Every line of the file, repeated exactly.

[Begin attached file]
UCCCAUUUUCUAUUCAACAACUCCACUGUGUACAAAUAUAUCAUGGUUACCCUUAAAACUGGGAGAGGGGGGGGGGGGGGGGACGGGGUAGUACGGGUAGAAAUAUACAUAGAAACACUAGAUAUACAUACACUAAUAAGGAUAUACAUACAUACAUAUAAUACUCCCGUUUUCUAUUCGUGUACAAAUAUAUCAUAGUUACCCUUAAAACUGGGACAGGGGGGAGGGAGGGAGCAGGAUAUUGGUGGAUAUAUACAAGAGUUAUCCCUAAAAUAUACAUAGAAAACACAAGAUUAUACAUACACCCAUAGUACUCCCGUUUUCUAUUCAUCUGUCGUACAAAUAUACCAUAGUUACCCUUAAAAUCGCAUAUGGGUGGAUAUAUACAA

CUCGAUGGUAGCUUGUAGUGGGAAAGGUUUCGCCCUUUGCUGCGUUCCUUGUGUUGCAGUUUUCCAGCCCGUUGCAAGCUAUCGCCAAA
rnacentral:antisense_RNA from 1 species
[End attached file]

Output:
UCCCAUUUUCUAUUCAACAACUCCACUGUGUACAAAUAUAUCAUGGUUACCCUUAAAACUGGGAGAGGGGGGGGGGGGGGGGACGGGGUAGUACGGGUAGAAAUAUACAUAGAAACACUAGAUAUACAUACACUAAUAAGGAUAUACAUACAUACAUAUAAUACUCCCGUUUUCUAUUCGUGUACAAAUAUAUCAUAGUUACCCUUAAAACUGGGACAGGGGGGAGGGAGGGAGCAGGAUAUUGGUGGAUAUAUACAAGAGUUAUCCCUAAAAUAUACAUAGAAAACACAAGAUUAUACAUACACCCAUAGUACUCCCGUUUUCUAUUCAUCUGUCGUACAAAUAUACCAUAGUUACCCUUAAAAUCGCAUAUGGGUGGAUAUAUACAA

CUCGAUGGUAGCUUGUAGUGGGAAAGGUUUCGCCCUUUGCUGCGUUCCUUGUGUUGCAGUUUUCCAGCCCGUUGCAAGCUAUCGCCAAA
rnacentral:antisense_RNA from 1 species